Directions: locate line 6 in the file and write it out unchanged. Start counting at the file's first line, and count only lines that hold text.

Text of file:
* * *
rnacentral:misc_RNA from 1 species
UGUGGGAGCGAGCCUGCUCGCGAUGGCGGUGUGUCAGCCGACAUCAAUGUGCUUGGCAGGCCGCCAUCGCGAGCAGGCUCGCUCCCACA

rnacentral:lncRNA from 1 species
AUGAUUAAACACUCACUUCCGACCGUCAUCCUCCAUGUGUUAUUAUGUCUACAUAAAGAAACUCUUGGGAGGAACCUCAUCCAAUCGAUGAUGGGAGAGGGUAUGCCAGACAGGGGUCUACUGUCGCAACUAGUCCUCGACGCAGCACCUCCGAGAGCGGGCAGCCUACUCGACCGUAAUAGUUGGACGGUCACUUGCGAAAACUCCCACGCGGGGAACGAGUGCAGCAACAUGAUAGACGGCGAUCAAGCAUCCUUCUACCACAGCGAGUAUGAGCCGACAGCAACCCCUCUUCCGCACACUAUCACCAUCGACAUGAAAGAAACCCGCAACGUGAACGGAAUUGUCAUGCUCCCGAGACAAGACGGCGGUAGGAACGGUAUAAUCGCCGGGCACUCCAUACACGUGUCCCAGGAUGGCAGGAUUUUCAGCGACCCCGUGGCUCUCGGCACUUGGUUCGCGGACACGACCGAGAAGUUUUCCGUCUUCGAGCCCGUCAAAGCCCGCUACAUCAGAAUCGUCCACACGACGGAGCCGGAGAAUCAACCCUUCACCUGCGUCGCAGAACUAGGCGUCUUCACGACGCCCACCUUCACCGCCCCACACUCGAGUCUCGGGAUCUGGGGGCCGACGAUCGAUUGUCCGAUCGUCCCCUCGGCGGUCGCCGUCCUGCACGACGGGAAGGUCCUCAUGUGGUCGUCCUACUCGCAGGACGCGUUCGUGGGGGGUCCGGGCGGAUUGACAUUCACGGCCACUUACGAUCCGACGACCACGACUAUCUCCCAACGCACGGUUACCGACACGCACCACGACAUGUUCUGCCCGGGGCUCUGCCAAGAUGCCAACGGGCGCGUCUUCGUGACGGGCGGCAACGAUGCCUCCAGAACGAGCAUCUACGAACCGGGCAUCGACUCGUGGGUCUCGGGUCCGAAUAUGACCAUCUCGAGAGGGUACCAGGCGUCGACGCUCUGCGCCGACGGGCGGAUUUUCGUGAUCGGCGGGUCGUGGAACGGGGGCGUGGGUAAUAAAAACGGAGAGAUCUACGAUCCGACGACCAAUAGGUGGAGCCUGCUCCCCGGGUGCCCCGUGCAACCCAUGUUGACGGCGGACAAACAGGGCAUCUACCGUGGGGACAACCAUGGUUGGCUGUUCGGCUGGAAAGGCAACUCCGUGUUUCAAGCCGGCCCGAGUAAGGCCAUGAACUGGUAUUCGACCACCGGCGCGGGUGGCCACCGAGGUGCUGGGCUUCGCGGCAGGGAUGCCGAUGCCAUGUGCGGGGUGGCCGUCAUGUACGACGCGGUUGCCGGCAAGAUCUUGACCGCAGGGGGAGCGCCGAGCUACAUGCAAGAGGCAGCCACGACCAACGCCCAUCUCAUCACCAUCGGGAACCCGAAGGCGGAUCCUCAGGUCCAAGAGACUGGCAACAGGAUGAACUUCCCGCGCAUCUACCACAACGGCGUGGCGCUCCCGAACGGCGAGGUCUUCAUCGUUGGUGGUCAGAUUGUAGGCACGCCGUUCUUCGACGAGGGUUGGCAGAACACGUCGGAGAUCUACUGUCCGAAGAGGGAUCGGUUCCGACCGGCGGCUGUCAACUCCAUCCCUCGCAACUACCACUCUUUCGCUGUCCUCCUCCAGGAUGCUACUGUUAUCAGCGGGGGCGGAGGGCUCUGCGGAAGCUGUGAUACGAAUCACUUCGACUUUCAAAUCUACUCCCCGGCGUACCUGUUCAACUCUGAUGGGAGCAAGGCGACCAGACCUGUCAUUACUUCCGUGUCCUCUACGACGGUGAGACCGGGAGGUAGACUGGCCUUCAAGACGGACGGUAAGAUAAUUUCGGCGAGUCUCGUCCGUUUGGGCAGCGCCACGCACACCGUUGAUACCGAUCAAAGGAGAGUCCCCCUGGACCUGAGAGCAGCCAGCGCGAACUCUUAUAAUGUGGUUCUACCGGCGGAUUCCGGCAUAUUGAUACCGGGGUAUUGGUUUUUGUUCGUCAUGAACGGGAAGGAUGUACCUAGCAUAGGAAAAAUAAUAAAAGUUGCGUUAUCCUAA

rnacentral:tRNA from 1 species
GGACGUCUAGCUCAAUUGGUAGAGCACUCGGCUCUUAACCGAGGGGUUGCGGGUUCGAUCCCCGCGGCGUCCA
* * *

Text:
GGACGUCUAGCUCAAUUGGUAGAGCACUCGGCUCUUAACCGAGGGGUUGCGGGUUCGAUCCCCGCGGCGUCCA